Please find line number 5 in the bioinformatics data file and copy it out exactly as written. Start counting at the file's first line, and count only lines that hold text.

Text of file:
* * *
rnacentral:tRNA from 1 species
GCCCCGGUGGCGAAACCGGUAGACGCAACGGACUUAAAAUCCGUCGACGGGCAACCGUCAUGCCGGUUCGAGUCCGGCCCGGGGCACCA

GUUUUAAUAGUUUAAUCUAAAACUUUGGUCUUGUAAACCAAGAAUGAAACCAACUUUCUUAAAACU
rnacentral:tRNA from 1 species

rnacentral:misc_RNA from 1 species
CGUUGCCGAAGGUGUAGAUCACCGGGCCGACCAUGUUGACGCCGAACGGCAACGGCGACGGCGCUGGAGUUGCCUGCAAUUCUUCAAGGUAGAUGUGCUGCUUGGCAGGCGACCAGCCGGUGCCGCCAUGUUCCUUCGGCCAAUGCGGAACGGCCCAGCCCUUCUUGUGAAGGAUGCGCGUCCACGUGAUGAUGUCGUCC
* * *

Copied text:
rnacentral:misc_RNA from 1 species